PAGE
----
What To Wear When Traveling

As I outlined Sunday, I did a lot of traveling yesterday. From one bed to another, it took 29 hours. By the time I reached my bed here in Calgary, it was about 3 in the morning, which is why I did not post yesterday.

IMG_3462IMG_3464IMG_3467     Mondays are going to be about fashion. With all this travelling–not only between Winchester and Calgary, but between towns and cities, too–I’ve gotten to be pretty decent at knowing what to wear to be prepared for the worst of circumstances. Because I’ve been travelling by planes, that’s going to be the focus for this advice, but you can change anything to adapt to your own circumstances.

Let’s start from the bottom. Shoes. I had three pairs of shoes with me in Winchester: Boots with zippers, sneakers with laces, and flats with tiny buckles. I only brought one pair since it’s just winter break, but even if I’d brought all of them, the ones I would wear are the boots. It seems counter-productive since my boots have buckles and other metal that would set off the detector, but some dude tried (and failed) to make a shoe-bomb a few years ago so now you have to take your shoes off anyway. Plus, because my boots have zippers, they’ll be easier to take on and off.

I strongly recommend not wearing any type of skirt or dress for a flight. Sitting on loose fabric like that for a long period of time is going to crease it in awkward places. Airplanes are also often cold, and a skirt or dress is not going to offer much protection from that. You should wear something comfortable, and a belt if you have to. None of the passengers want to see the dark side of the moon, if you know what I mean. I’ve been on the unfortunate end of that. Please wear a belt, especially if you aren’t in an aisle seat and you have to climb past people to get to the bathroom. Please.

Layers are a great idea for travelling, especially if there are a lot of environmental changes like I had on this trip. What I did was wear a t-shirt, then a button-up over that, then I had an extra pullover, and lastly my jacket. For parts of my trip where I had to wait outside, four layers served me well. In the airport, I stowed both my jacket and pullover which made my load a little less cumbersome. It got cold in the middle of my flight so I put my pullover on until it got warm again.

For the flight, I also make sure I have thick socks. My boots happen to be really warm, but with other footwear my feet are often first to get cold when the cabin temperature drops. Having an extra pair of socks is good to have just in case.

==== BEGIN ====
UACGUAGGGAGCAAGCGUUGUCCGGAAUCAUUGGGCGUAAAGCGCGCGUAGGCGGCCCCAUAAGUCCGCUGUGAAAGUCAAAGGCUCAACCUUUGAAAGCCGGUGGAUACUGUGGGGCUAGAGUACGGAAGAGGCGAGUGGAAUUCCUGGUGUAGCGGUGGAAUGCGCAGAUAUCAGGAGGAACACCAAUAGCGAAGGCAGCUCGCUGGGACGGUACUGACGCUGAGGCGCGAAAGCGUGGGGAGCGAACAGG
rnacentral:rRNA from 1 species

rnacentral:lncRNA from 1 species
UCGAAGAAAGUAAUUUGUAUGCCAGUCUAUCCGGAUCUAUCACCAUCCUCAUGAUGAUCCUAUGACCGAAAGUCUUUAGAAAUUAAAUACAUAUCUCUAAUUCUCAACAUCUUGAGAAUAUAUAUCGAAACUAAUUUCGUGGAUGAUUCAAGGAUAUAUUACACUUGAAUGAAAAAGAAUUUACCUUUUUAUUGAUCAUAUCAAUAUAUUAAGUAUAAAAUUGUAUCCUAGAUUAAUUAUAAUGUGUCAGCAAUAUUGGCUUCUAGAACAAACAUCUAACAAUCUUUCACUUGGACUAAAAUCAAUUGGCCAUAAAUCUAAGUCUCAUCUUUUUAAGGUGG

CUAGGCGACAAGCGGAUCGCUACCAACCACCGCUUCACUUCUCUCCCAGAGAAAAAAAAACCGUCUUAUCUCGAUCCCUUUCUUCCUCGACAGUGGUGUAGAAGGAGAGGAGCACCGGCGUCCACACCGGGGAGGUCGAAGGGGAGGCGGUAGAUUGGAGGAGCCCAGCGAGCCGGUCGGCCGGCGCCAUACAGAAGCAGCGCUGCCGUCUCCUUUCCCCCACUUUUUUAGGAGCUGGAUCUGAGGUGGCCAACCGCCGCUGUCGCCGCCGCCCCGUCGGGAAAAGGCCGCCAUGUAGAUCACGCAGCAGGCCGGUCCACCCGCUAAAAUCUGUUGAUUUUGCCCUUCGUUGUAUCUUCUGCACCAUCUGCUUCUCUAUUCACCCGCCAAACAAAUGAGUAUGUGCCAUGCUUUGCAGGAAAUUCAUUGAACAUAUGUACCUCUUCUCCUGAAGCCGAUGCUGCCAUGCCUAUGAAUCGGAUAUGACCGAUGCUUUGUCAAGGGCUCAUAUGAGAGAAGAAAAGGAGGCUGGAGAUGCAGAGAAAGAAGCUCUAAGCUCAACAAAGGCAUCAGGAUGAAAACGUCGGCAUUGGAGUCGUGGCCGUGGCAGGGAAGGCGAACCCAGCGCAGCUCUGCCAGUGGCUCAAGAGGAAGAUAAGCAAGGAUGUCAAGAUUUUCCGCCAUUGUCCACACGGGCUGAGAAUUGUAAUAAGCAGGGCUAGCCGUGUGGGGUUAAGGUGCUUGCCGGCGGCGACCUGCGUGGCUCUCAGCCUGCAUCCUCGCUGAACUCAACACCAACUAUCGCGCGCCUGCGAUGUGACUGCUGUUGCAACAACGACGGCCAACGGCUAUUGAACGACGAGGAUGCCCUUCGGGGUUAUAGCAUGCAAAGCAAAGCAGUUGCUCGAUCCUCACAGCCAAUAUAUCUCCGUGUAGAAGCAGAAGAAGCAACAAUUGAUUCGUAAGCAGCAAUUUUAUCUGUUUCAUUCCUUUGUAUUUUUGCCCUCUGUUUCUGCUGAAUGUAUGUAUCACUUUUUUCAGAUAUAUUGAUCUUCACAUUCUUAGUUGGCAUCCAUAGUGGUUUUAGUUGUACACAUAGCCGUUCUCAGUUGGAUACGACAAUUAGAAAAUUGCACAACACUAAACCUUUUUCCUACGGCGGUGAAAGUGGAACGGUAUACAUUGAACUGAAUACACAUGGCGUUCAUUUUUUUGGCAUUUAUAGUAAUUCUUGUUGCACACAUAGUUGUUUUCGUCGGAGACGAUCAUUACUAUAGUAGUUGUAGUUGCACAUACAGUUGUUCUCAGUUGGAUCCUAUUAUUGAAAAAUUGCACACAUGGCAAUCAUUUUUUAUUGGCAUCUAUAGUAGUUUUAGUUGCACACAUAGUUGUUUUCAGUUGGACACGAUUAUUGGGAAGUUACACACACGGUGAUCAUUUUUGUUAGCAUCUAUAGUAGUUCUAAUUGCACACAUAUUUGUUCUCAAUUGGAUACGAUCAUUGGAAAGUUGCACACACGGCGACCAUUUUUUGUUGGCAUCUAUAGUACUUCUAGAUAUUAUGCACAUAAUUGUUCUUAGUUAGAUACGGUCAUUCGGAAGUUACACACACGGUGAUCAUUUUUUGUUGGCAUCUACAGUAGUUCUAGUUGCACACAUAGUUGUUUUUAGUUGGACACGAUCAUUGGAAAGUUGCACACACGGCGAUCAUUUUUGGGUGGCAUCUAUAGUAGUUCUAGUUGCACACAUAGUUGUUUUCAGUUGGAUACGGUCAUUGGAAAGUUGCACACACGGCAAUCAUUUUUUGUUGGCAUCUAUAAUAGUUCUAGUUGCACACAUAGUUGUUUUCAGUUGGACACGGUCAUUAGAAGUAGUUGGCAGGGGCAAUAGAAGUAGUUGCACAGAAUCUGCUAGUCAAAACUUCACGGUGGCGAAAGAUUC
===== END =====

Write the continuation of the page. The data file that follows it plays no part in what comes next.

With hair long enough to get in the way or get really static, a hair tie is also good to have. You can keep it on your wrist and it won’t set off metal detectors or get in the way of anything, so it’s all pros, no cons.

If you have metal jewellery you want to wear while travelling, put it in your carry-on and you can wear it after you’ve gone through security. I also recommend glasses over contacts if you have them because the air in the cabin can be really dry and if you get tired while travelling, your eyes can get irritated. On the same note, bringing lip balm and/or a small hand lotion that meets security guidelines in a clear plastic bag will be useful in a dry cabin.

Bonus Points: Large pockets!!! Ladies, I know that on the rare occasion your jeans actually have pockets (Who invented fake-pockets? Why?) the pockets are usually too small or the jeans too tight to use. This is why purses exist, but when flying, a purse may or may not count as one of your carry-on bags (depending on the company) and besides, you’ve got enough bags to keep track of as it is. I wore a loose jacket that has four enormous pockets that close with buttons to solve the pocket problem.

Hope that helps you with any travelling you may be doing these holidays! Tuesdays like today would normally have an Arts+Crafts post, but it’s looking like I’ll have to skip that one for this week in order to get back on schedule. Come back tomorrow to see what I have planned for Wednesdays!

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